In 1921, it was estimated that 4.5 million children were considered bezprizorniki, meaning homeless. Other sources suggest even higher numbers of homeless children at around 7.5 million. This large influx of homeless children was due to the wars, flight, hunger and disease, all of which either caused families to be unable to support their children any longer or the deaths of their parents leaving them as orphans.
These children not only needed help to survive, but they also needed to be taken off the streets because of the amount of crimes they ended up conducting. They joined gangs, road the railways, engaged in prostitution and gambling, among other crimes. So even though they were in need of help from others, they also instilled fear in others around them through their various criminal actions. The picture below is a warning describing that if something isn’t done to help these homeless children, they will resort to crime.
The Soviet State comes into play during the civil war by providing things like food, medical help, and education to the homeless. One of the government’s commission’s created three stages for dealing with the high rate of homeless children. The first was in charge of taking kids off the street, next was observing and evaluating, and finally rehabilitation. Some children were put into orphanages, where there was a lack of resources and the shelters were not in good condition. Another placement was in labor communes, where they were provided food and shelter and worked in return. The conditions were usually harsh, but these children had little other choice. Here is a video link that portrays an example of a labor commune, showing the large quantity of kids and a small glimpse at their condition. It is interesting to see how many smoke at such a young age and I wonder why they were all getting their hair cut short.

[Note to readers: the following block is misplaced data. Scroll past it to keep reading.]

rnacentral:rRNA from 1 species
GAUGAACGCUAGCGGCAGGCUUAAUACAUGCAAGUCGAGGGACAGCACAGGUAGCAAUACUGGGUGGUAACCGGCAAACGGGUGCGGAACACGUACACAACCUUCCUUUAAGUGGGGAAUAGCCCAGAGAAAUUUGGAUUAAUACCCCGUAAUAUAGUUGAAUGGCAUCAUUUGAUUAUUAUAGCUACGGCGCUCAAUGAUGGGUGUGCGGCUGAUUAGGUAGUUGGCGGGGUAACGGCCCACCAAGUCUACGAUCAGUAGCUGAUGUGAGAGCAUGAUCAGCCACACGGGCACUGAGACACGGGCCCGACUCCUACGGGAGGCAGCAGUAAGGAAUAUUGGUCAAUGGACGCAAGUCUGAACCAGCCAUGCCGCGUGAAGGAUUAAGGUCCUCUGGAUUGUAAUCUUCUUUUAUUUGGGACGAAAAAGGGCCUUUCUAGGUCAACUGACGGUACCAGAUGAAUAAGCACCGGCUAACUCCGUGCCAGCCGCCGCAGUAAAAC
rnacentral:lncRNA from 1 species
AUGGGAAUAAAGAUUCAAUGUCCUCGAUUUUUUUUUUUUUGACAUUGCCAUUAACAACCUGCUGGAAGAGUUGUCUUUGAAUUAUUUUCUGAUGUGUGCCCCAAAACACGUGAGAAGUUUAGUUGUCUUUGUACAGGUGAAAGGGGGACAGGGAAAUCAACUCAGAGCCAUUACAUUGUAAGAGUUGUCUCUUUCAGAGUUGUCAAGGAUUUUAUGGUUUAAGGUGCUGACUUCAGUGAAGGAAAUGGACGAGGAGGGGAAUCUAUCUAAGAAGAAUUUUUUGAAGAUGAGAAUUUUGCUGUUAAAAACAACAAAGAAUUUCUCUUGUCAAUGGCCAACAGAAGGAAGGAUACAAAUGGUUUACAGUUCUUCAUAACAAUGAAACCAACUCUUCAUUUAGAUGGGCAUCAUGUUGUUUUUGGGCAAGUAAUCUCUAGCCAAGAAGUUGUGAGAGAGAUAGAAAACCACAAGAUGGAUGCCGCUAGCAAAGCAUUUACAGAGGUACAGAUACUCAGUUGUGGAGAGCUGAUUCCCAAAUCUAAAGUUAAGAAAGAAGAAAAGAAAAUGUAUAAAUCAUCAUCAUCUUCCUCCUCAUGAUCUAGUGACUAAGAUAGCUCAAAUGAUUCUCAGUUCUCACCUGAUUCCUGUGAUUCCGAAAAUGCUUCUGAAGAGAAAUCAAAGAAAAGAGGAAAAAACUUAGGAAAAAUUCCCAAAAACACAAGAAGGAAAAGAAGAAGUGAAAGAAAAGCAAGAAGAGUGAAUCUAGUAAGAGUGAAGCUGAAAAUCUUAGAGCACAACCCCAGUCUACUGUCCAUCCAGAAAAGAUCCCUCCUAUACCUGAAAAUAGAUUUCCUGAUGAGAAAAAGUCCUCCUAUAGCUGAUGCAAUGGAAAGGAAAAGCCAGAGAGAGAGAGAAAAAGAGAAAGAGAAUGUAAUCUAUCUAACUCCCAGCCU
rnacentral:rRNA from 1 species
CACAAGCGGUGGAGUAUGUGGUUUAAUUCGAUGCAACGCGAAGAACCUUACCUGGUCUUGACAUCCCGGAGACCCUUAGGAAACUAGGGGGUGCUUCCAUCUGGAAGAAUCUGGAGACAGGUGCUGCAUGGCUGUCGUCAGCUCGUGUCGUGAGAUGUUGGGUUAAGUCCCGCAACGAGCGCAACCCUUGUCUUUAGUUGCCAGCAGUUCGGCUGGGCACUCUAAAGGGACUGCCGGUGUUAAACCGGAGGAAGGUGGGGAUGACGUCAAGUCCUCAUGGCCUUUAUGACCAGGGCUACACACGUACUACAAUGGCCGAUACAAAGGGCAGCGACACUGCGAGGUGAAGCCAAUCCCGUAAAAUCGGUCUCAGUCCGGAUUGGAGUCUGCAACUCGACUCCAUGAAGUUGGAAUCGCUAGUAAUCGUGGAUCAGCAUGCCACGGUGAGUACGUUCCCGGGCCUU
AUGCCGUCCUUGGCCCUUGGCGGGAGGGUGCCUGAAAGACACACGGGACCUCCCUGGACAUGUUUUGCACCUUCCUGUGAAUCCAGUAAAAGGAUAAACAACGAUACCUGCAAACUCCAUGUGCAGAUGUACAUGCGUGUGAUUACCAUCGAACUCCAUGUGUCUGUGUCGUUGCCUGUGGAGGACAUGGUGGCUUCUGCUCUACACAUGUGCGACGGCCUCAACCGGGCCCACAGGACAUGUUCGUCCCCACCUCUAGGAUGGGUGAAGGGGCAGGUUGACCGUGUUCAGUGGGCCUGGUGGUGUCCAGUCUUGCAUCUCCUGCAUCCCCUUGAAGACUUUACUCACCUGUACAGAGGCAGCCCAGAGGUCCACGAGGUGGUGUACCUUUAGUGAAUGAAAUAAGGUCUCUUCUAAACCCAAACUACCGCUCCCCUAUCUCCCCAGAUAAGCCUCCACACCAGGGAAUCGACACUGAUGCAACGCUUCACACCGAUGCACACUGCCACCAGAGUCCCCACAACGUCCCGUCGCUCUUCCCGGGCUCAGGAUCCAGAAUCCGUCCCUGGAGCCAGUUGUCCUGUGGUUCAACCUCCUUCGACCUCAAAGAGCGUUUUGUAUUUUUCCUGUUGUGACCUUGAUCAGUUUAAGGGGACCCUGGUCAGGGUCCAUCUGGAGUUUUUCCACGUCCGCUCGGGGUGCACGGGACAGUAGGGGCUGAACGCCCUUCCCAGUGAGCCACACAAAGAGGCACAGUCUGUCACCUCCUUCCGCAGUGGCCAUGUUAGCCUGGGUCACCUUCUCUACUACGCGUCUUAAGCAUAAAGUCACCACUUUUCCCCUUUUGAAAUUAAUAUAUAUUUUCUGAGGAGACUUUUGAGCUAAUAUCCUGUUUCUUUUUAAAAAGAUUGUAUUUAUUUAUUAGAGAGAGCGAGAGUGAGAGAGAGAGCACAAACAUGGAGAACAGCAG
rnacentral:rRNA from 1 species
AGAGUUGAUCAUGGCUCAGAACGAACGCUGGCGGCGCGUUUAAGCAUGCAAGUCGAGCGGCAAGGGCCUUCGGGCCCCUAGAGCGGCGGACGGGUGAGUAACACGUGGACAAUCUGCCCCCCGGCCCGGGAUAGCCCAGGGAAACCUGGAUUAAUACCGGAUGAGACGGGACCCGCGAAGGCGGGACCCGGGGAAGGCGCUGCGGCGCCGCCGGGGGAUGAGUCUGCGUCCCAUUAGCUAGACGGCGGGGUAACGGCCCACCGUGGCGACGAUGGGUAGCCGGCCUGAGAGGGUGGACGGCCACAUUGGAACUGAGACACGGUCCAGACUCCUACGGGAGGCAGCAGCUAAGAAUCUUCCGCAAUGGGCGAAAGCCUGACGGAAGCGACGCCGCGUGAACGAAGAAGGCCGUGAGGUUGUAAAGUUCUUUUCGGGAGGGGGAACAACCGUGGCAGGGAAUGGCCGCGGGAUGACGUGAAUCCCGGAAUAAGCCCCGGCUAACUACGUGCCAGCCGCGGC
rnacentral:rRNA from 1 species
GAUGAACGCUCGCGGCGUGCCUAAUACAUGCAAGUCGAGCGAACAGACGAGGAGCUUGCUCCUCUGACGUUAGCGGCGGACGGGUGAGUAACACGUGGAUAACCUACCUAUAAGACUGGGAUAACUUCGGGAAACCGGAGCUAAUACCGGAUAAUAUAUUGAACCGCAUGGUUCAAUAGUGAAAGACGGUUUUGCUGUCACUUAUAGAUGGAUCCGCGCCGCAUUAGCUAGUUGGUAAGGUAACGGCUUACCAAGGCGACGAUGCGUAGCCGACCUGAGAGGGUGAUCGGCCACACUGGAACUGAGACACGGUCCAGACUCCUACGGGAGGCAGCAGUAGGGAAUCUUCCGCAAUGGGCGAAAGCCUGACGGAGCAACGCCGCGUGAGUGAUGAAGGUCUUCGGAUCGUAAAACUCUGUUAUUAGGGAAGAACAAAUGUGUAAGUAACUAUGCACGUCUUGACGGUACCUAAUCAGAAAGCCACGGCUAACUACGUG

Siegelbaum, Lewis. “1921: Homeless Children” 17 Moments in Soviet History, accessed September 21, 2014. http://soviethistory.macalester.edu/index.php?page=subject&SubjectID=1921bezprizornye&Year=1921&navi=byYear
image 1 “Dmitrii Baltermants: Peasant Child Begging (1920)” Dmitri Baltermants: Faces of a Nation: The Rise and Fall of the Soviet Union, 1917-1991. Golden, Colorado: Fulcrum Publishing. 1996.
image 2 “Homeless Children Sleeping (1922)” Russian State Film & Photo Archive at Krasnogorsk. 2000.
image 3 “Rudolf Frents: 6,000,000 Children Not Served By Schools (1923)” Hoover Political Poster Database. 2007.
video source: Russian State Film & Photo Archive at Krasnogorsk. 2000.